After China’s National People’s Congress Standing Committee passed the new National Security Law for Hong Kong on Tuesday night, Britain’s Prime Minister, Boris Johnson, said Britain will offer citizenship for up to 3 million Hongkongers, as “a new route for those with British National [Overseas] status to enter the UK”, while addressing the British parliament.
Under this plan, the granting of residency rights will allow nearly 350,000 British National Overseas passport holders and 2.6 million other Hongkongers to reside in the UK for a period of 5 years, and make them eligible to apply for British citizenship after staying an additional year.
PM Johnson said the new Hong Kong legislation “violates Hong Kong’s high degree of autonomy and is in direct conflict with Hong Kong Basic Law”, which is the existing constitution that came into effect when Hong Kong was handed back to China. PM Johnson’s announcement and alleged accusations against the National Security Law were rejected on Wednesday by Chinese ambassador to the UK, Liu Xiaoming.
During a meeting with Simon McDonald who is British Permanent Undersecretary to the Foreign and Commonwealth Office, Ambassador Lui said, “The recent remarks by the UK side on the national security law for Hong Kong SAR are irresponsible and unwarranted. They represent a gross interference in China’s internal affairs and run counter to the important principles of mutual respect for sovereignty and territorial integrity and non-interference in each other’s internal affairs endorsed by the UN Charter and the Joint Communiqué of the UK and China on exchange of ambassadors,”.
Liu also said the Chinese government expresses its strong opposition and grave concern to the allegations made by Britain, stressing that the sole purpose the Sino-British Joint Declaration was drawn up in 1984 was to ensure Hong Kong returns to China.
Both the British and Chinese governments came to agreement and signed the joint declaration which clearly stated China would take back control of Hong Kong on July 1st, 1997 from the British government which occupied the former colony in 1840.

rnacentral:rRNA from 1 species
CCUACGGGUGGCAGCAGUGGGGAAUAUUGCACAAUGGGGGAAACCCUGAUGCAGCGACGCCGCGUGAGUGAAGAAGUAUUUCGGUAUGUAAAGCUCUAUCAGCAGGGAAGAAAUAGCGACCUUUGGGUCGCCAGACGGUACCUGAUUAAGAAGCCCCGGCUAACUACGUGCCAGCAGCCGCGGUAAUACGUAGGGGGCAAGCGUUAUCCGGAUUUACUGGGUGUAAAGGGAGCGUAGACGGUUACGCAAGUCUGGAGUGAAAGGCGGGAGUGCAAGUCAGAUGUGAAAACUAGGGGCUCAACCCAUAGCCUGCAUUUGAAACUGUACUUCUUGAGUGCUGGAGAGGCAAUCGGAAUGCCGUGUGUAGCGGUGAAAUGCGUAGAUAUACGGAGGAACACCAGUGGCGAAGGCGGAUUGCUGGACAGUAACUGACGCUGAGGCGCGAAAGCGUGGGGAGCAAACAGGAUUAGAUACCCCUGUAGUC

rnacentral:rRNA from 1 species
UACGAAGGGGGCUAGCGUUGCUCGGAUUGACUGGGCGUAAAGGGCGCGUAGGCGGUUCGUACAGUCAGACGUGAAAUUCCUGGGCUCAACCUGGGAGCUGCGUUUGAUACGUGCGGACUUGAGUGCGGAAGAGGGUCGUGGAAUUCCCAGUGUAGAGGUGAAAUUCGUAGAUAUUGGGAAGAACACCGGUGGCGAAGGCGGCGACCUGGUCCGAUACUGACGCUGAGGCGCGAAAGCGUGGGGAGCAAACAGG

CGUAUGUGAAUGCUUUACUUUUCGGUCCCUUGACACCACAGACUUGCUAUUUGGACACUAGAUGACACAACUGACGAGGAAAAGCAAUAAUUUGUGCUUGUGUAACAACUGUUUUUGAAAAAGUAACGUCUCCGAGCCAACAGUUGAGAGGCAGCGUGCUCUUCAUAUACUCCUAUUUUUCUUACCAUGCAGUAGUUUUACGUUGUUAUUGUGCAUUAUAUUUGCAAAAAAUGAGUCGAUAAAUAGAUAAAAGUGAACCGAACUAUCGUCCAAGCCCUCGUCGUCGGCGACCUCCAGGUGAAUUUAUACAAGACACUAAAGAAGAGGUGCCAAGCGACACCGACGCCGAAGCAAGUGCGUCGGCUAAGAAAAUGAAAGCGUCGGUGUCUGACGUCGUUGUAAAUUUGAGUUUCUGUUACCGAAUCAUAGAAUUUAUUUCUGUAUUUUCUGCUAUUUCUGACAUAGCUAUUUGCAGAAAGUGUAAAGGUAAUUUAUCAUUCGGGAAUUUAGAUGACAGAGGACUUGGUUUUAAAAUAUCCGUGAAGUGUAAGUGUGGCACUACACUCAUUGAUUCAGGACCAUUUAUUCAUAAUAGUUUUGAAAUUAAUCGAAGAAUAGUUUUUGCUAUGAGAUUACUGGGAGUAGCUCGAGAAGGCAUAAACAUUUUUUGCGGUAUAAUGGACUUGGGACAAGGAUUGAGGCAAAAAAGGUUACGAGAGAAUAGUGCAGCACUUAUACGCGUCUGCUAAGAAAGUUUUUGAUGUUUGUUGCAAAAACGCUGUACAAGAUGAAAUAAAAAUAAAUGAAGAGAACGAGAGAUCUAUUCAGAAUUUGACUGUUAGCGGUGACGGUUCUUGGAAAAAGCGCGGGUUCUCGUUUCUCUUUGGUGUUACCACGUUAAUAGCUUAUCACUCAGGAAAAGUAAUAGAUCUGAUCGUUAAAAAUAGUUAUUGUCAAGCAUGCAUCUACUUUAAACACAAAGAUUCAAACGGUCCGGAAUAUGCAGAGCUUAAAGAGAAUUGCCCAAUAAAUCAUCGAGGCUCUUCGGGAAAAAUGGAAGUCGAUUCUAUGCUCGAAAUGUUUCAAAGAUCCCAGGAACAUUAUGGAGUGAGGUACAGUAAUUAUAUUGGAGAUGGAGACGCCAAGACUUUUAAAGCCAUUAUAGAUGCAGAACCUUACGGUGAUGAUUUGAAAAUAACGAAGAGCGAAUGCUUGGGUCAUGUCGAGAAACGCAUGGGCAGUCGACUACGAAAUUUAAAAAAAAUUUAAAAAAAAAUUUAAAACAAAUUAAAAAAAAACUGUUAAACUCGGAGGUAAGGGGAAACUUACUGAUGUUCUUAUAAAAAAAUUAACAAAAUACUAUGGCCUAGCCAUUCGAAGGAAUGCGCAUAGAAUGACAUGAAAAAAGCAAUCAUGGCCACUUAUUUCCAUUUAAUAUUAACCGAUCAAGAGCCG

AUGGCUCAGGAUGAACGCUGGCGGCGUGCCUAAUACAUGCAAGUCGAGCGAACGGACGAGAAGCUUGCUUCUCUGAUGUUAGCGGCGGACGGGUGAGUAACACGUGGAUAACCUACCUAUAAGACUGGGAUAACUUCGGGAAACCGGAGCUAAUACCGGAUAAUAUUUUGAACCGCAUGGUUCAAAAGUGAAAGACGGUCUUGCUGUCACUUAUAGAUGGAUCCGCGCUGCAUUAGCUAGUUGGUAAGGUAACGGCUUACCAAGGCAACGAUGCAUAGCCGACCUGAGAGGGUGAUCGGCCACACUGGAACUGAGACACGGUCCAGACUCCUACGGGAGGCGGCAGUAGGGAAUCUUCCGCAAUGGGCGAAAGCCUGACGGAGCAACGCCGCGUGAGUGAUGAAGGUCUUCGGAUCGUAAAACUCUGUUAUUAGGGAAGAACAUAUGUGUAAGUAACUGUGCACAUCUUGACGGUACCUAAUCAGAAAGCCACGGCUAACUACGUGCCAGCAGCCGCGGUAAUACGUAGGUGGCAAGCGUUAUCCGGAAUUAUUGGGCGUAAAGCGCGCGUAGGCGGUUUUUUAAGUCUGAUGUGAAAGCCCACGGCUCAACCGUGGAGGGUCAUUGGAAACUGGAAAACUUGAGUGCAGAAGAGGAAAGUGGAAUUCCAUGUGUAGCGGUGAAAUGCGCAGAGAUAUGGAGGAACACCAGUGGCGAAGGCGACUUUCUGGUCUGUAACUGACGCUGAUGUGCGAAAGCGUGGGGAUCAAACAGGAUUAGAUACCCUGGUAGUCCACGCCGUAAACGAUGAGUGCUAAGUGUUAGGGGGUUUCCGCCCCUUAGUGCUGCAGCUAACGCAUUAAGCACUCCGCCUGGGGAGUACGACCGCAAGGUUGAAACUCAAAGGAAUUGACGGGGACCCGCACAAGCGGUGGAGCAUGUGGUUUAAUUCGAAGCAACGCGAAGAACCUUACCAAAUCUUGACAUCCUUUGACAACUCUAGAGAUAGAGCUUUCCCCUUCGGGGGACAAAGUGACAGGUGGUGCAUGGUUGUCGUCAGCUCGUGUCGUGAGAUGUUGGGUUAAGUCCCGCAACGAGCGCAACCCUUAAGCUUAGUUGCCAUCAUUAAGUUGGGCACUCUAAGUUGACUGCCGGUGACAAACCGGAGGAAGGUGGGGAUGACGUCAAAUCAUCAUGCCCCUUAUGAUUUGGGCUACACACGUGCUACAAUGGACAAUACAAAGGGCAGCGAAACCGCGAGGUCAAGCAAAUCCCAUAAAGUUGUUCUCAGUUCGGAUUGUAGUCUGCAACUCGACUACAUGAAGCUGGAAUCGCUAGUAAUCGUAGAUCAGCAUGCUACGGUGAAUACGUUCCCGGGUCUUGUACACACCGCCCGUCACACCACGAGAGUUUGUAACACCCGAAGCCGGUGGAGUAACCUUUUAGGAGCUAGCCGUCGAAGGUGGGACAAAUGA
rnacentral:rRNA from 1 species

The declaration was officially signed by Britain’s then Prime Minister Margaret Thatcher and China’s Premier Zhao Ziyang on December 19th, 1984, and the document was deposited with the United Nations.
The Chinese ambassador went on to say, “Not a single word or paragraph in the Joint Declaration gives the UK any responsibility over Hong Kong after its handover. The UK has no sovereignty, jurisdiction or right of ‘supervision’ over Hong Kong after the handover. Hong Kong is a special administrative region of China. Its affairs are purely China’s internal affairs and brook no external interference,”
“It is always the central government of a country that is responsible for upholding national security. The national security law for Hong Kong SAR is timely, necessary and reasonable.”
Ambassador Liu urged the UK government to cease its interference in China’s internal affairs, specifically Hong Kong; further stressing that Beijing will not waiver in its right to defend its national sovereignty, security and development interests.
British Foreign Secretary Dominic Raab commented on the situation by saying Britain had made a careful assessment of Hong Kong’s new National Security Law that was made public on Tuesday and “It constitutes a clear violation of the autonomy of Hong Kong, and a direct threat to the freedoms of its people, and therefore I’m afraid to say it is a clear and serious violation of the Joint Declaration treaty between the United Kingdom and China.”
Raab went on to say Britain would proceed to plan its next course of action with its international partners. The Foreign Secretary was quoted saying, “China, through this national security legislation, is not living up to its promises to the people of Hong Kong. “We will live up to our promises.”
Raab ended off saying, “Obviously, China is a leading member of the international community. And it is precisely because of that, that we expect it to live up to its international obligations and its international responsibilities. “For trust in China’s ability to do that, today has been a big step backwards.”
2nd July 19:30
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